'End Note(s)' Colophon:

Concept: Heman Chong
Editors: Defne Ayas, Mimi Brown, Heman Chong, Amira Gad, Samuel Saelemakers
Contributors: A Constructed World, Nadim Abbas, Defne Ayas, Oscar van den Boogaard, Mimi Brown, Heman Chong, Chris Fitzpatrick, Amira Gad, Travis Jeppesen, Latitudes, Christina Li, Guy Mannes-Abbott, Samuel Saelemakers, Aaron Schuster
Copy Editors: Janine Armin, Marnie Slater
Production: Amira Gad, Samuel Saelemakers, Heman Chong
Design: Kristin Metho
Printer: Koninglijke Van Gorcum
Publisher: Witte de With Center for Contemporary Art Rotterdam, the Netherlands

ISBN: 978-94-9143-529-4

 
RELATED CONTENT:
  
First week of the "Moderation(s)" residency at Spring Workshop, Hong Kong (17January 2013) 

Nadim Abbas' "Incidents of Travel: Hong Kong" public tour (19 January 2013) 

"Temple and Feng Shui Tour", a guided walk around Hong Kong Island & Kowloon (22 January 2013)

Ho Sin Tung "Incidents of Travel: Hong Kong" tour (30 January 2013)

Yuk King Tan's "Incidents of Travel: Hong Kong" tour (3 February 2013)


Tour of Devil's Peak and the Museum of Coastal Defence (6 February 2013)

Samson Young's "Incidents of Travel: Hong Kong" tour (7 February 2013)


Latitudes' Open Day at Spring Workshop on 2 February 2013 (9 February 2013)

"Archive as Method: An Interview with Chantal Wong, Hammad Nasar and Lydia Ngai" of the Asia Art Archive, Hong Kong. Concluding #OpenCurating interview (1 May 2013)


"Digression(s), Entry Point(s): An interview with Heman Chong", Singapore-based artist, curator and writer. Eighth in the #OpenCurating research series. (4 April 2013)

Archive of social media posts related to "Incidents of Travel" tours and photo-documentation.


13 field recordings from 'Incidents of Travel: Hong Kong' 

Witte de With opens the group show "The Part In The Story Where A Part Becomes A Part Of Something Else" on May 22, 2014 (21 April 2014)

Interview between Christina Li and Latitudes on 'Incidents of Travel' for Witte de With's 'Witness to Moderation(s)' blog (7 May 2013)
 
 
This is the blog of the independent curatorial office Latitudes. Follow us on Facebook and @LTTDS.
All photos:
Latitudes | www.lttds.org (except when noted otherwise in the photo caption).
Licensed under a Creative Commons Attribution-NonCommercial-NoDerivs 3.0 Unported License.

Latitudes' re-designed website now online!


Our website is finally up and running! Take a look at www.lttds.org

After months of re-editing, digging floppy disks and analogue archives, we're proud (and relieved!) to launch our newly designed website, same address as always: http://www.lttds.org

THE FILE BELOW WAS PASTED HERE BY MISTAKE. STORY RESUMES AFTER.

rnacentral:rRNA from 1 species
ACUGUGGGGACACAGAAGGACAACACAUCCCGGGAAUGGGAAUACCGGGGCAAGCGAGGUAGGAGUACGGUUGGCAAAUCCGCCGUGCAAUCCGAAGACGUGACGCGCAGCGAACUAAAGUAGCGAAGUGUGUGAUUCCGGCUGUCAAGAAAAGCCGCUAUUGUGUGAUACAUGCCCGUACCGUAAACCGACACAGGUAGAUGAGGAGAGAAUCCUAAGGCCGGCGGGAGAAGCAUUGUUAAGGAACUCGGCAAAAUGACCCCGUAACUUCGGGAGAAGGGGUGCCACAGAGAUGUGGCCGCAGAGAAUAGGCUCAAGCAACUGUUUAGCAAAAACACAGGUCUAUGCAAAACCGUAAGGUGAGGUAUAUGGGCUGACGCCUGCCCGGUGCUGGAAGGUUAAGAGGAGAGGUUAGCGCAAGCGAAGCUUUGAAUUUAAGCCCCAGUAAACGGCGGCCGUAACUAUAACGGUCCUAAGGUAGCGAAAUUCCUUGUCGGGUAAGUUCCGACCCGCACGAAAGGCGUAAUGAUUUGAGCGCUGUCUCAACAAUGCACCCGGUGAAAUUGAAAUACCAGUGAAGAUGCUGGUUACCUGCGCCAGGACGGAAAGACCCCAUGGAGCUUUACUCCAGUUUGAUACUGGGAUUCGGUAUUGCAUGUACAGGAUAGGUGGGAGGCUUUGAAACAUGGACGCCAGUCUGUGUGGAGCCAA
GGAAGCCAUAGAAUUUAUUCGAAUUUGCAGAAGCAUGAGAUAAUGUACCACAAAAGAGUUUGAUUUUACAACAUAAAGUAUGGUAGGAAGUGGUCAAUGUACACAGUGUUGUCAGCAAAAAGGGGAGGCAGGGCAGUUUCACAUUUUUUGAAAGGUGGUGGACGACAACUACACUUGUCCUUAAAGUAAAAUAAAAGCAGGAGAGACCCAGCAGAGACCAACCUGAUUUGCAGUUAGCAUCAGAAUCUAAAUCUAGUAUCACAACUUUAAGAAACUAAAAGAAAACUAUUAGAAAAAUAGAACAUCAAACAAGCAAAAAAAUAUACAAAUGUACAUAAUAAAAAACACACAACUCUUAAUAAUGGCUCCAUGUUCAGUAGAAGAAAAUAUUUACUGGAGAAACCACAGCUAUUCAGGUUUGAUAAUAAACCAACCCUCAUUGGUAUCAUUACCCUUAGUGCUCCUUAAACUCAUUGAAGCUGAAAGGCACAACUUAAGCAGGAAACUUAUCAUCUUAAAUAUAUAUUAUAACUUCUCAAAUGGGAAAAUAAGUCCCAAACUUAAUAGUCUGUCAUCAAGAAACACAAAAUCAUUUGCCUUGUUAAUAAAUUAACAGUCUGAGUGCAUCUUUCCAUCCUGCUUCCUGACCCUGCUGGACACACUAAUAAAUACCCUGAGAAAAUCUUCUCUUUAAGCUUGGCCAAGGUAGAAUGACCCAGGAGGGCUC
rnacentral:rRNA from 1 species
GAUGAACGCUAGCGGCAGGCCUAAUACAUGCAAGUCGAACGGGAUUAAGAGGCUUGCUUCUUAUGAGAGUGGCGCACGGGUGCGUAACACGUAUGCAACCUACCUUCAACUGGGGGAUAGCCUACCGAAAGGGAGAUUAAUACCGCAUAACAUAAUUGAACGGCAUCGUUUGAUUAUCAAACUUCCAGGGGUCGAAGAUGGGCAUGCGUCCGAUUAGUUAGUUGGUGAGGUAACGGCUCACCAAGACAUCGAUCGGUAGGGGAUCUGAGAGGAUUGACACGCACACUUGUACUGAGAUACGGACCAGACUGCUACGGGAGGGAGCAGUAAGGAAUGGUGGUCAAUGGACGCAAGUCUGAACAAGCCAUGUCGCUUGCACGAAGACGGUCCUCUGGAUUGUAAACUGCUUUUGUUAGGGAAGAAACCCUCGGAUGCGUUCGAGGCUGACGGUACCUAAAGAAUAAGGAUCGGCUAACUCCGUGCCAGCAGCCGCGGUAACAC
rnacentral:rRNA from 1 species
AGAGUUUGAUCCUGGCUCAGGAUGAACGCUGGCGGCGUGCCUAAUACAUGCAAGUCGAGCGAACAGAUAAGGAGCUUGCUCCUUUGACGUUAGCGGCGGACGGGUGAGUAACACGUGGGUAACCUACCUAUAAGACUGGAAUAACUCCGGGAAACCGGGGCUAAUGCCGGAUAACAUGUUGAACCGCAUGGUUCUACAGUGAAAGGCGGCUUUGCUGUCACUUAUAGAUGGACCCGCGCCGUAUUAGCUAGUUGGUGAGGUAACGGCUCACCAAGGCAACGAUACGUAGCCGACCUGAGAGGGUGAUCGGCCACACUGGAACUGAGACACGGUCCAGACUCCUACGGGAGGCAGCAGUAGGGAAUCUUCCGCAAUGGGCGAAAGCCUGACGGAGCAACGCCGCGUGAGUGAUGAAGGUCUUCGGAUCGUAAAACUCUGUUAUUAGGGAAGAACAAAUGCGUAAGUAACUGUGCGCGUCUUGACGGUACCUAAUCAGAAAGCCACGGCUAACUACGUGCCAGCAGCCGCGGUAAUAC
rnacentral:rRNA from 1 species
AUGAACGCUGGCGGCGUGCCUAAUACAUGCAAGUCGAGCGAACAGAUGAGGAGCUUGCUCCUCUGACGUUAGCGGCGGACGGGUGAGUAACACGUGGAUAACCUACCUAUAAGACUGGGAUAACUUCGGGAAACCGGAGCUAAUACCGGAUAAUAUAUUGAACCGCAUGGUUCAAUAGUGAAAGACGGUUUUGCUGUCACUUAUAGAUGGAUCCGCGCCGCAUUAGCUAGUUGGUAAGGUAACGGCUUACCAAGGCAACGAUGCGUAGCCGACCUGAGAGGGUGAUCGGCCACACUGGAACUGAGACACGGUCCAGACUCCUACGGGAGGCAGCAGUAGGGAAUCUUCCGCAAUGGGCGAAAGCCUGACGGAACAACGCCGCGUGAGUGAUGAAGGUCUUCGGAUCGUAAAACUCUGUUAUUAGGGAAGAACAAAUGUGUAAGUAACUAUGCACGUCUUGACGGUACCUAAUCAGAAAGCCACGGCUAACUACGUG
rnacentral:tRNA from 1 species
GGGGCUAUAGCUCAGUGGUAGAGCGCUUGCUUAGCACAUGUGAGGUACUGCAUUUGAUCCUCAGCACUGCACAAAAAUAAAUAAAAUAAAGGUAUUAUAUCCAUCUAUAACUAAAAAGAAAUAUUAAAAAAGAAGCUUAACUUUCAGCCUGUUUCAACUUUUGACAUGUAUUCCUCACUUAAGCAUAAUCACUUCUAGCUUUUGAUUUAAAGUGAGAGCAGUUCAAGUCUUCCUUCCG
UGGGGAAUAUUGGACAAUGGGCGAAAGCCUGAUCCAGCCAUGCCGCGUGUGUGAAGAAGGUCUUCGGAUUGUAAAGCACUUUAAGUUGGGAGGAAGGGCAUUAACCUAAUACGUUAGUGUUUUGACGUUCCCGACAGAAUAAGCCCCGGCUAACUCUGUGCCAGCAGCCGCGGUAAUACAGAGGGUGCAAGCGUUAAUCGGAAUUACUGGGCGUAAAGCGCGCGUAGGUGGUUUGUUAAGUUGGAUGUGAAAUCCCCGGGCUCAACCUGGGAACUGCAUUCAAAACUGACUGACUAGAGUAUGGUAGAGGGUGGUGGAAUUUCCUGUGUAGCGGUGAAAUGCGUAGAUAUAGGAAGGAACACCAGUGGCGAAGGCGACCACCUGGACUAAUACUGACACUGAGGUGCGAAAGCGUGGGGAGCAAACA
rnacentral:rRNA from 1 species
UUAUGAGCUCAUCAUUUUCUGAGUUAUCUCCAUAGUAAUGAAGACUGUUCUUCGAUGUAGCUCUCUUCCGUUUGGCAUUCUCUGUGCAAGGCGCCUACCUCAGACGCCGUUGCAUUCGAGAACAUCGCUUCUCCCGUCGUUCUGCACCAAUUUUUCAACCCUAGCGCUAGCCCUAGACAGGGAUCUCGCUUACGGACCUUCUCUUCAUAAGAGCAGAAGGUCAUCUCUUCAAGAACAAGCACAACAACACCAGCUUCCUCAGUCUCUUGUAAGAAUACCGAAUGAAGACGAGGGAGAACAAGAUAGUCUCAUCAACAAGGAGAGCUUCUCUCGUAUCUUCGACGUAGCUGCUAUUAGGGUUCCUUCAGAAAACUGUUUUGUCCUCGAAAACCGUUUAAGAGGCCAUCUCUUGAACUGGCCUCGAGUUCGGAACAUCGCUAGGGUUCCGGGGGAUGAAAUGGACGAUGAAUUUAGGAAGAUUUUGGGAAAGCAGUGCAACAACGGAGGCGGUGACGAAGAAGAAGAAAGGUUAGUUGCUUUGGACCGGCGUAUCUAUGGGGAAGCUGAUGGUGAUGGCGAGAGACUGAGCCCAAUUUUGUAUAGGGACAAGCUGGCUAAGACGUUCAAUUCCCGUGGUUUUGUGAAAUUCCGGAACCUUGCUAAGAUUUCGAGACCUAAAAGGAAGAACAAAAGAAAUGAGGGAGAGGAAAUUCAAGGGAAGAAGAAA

We have improved several things. Our home page now features a "cover story", a monthly focus on an artwork, artist, book, site or trip we've experienced in our recent past, accompanied by a short text. Our first cover story centers on Wilfredo Prieto's work "Grease, Soap, Banana" presented in 2007 in the group show "Extraordinary Rendition".
  
Below this section we highlight three recent projects which are refreshed with each visit.

Yes! Each page is more tablet and mobile-friendly, yet has an even wider format for your desktop.


Each of our project pages includes a sliding photo gallery complementing our flickr sets, and has clearer access to our social media networks – such as our twitter or facebook.

At the end of each project's text, we've added "Related Content": an expandable section linking to our blog posts.
The sidebar includes details of the locations, publication (if applicable) and project supporters; a calendar of events and biography of the artist (for solo shows).

Our project page now includes tags enabling you to dynamically filter our projects by 'year', 'exhibition', 'research', 'public realm', 'with publication', etc.
From here you can also check our Index, our Publications or download the pdf 'Projects Dossier' detailing a selection of our projects.

We have revised the 'About' page and placed an accordion listing our "Lectures", "Teaching", "Awards & Affiliations", "Juries", "Residencies", "Bibliography/Press" and "Research and Field Trips".

And last, but certainly not least, we continue to report from our blog on the development of our projects as well as on our field trips, news, shows, or books worth discussing.





This is the blog of the independent curatorial office Latitudes. Follow us on Facebook and Twitter.
All photos:
Latitudes | www.lttds.org (except when noted otherwise in the photo caption).
Work is licensed under a Creative Commons Attribution-NonCommercial-NoDerivs 3.0 Unported License.

Interview with Nicholas Mangan in Mousse Magazine #47, February–March 2015

The February–March 2015 issue of Mousse Magazine (#47) includes the interview 'What Lies Beneath' between Melbourne-based artist Nicholas Mangan (1979, Geelong) and Mariana Cánepa Luna of Latitudes.  

 Layout of the interview in English and Italian on the pages of Mousse Magazine.

The interview centers primarily on discussing the artists' methodologies through two of Mangan's recent works: 'A World Undone' – currently on view as part of Witte de With's show 'Art in The Age of...Energy' (23 January–3 May 2015) – and his film and sculptural work 'Nauru - Notes From A Cretaceous World' which will soon be featured as part of the New Museum's 2015 Triennial: Surround Audience curated by Lauren Cornell (Curator, 2015 Triennial, Digital Projects and Museum as Hub) and artist Ryan Trecartin.

Read the full review here. Following is an excerpt of the beginning of their conversation: